By Karen Mahoney
Special to your Catholic Herald
Third in a series of articles featuring individuals who are entering into full communion with the Catholic Church this Easter season.
WHITEWATER – Author Flannery O’Connor said, “You don’t join the Catholic Church, you become a Catholic.” For Kyla Schmidt, her journey into the Roman Catholic Church, after growing up Presbyterian, echoes O’Connor’s proclamation.
She attended North Park University in Chicago, a private Christian college, and appreciated the faith aspects of the school, but never found a group of friends to deeply share that faith.
After disclosing her frustration to a close friend, Kyla learned that her friend, a practicing Catholic, was involved with a group of friends through UW-Whitewater’s Catholic Student Coalition.
“I decided to transfer to Whitewater and began attending those meetings with my best friend Brenda,” she said, adding, “and all those great friends she told me about welcomed me into their close-knit circle.”
Through those meetings, she met her future husband, Mike, who was also involved in the Catholic Student Coalition.
“We were friends for a few years, began dating and eventually became engaged,” she said. “Mike and I then decided to marry in the Catholic Church since he was raised as a Catholic, and because we met in the Catholic Student Coalition.”
Kyla and Mike attended marriage preparation classes required of all engaged couples planning to marry in the church. Through the classes, under the direction of Fr. Rafael Rodriguez at St. Patrick Parish, Whitewater, Kyla, 24, began to understand more and appreciate the teachings of the Catholic Church.
They were married Aug. 16, 2008 at St. Mary Parish, Waukesha.
“After Mike and I got married, I decided it was important for me to become a Catholic for us to have unity in our faith to strengthen our marriage, as well as to provide a unified family for our future children,” Kyla said.
Under the direction of Steve Letellier, RCIA coordinator at St. Patrick Parish where the couple are members, Kyla attended classes to enter into full communion with the church at the Easter Vigil. Since September, she has met catechumens of all ages and backgrounds who share the same goal – to be part of the Body of Christ.
“We all want to become Catholic for different reasons, but we are able to use those different experiences to help each other learn about the Catholic faith,” she said. “It also provided a safe place to ask questions and learn without feeling as if you are the only one who doesn’t know.”
While she said the faith can be intimidating to outsiders, at times, Kyla felt reassurance from Letellier and the other members as she learned about the Mass, its memorized prayers, why certain prayers are said, and the importance of each of the elements.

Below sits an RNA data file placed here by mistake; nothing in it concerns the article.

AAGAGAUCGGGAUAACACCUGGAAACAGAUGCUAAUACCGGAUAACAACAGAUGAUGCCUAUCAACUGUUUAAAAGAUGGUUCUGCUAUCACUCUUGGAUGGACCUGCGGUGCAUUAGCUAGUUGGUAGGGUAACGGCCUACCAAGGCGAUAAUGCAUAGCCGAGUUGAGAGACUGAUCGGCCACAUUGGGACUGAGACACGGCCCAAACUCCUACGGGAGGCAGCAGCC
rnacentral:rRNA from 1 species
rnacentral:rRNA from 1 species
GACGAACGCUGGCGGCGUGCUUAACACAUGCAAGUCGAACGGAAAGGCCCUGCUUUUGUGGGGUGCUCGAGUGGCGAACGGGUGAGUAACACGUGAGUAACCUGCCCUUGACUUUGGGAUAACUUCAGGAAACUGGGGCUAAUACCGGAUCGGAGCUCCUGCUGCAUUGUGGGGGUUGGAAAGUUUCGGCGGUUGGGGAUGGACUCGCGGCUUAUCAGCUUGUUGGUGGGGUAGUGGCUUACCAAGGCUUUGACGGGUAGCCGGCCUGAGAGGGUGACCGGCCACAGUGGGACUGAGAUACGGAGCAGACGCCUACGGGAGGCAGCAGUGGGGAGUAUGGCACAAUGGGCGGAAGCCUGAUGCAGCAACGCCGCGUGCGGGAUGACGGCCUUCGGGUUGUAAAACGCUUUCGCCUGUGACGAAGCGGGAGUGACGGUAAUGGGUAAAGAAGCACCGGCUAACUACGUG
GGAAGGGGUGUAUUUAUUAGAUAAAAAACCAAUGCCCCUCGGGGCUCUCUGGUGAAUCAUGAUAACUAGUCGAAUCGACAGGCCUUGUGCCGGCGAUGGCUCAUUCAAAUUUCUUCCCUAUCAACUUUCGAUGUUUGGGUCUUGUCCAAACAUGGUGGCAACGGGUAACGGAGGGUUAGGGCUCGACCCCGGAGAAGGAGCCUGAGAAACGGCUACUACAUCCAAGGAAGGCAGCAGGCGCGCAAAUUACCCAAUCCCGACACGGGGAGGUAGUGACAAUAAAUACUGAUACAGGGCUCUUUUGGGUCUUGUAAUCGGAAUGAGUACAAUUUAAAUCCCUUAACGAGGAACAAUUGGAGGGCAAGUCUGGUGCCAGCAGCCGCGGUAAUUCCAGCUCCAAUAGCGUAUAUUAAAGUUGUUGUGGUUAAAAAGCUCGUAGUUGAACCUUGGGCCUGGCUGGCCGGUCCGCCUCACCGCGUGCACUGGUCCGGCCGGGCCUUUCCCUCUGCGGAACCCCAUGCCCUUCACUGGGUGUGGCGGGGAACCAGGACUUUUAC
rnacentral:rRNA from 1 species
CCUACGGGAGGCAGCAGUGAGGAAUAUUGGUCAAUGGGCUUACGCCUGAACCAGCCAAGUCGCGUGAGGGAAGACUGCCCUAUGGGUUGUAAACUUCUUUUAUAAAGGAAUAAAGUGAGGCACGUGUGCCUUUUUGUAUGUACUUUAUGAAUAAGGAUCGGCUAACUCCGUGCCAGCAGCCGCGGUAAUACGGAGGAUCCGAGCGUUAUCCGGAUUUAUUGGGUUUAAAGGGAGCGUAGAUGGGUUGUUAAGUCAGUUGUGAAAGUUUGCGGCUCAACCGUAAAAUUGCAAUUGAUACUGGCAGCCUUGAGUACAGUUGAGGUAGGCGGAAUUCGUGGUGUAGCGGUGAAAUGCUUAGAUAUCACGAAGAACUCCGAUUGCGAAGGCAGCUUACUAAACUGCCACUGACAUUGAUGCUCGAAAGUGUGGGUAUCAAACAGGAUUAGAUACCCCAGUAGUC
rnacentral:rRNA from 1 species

Choosing a sponsor was easy for Kyla, who chose her husband – the person she most admired and looked up to for his steadfast faith while immersed in a secular world.
“I admire the way that he has lived his faith,” she said. “Especially in college, it’s not necessarily ‘cool’ to attend church every Sunday, or a voluntary faith-based meeting every Wednesday. Mike continued to do those things because they were important to him, and a shared faith is important to us as a married couple.”
Breaking the news to her family members that she was setting aside the faith of her childhood met with no resistance, only love and support – a testimony to the self-less example of the faith of her parents.
“My mother was raised as a Catholic and began attending the Presbyterian Church after she married my father, so she understands the desire for unity of faith in a marriage,” Kyla explained. “They both know that I am following my heart.”
The opportunity to receive the Eucharist for the very first time was an anticipation that grew from her college days and more intensely each week as Kyla prepared for the Easter Vigil.
“Since college, I have regularly attended Mass both with friends, as well as with my husband and his family,” she said. “Every week when it came time to receive the Eucharist, I had to stand to let the other parishioners pass me by. This Communion is a special shared moment, not just between the recipient and Christ, but with the entire parish and I look forward to being a part of that.”
In her marriage, her friendships and in her job as a traffic coordinator for Entercom Radio in Madison, Kyla believes that receiving the Eucharist on a regular basis will leave her renewed and strengthened.
“I have always felt a strong faith in God, and have regularly attended church my entire life,” she said. “For me, one of the most important things about faith is sharing it. I have been blessed with great friends and a husband who shared their Catholic faith with me, and in turn, I feel very welcome and accepted by the Catholic Church and look forward to sharing my Catholic faith with many others.”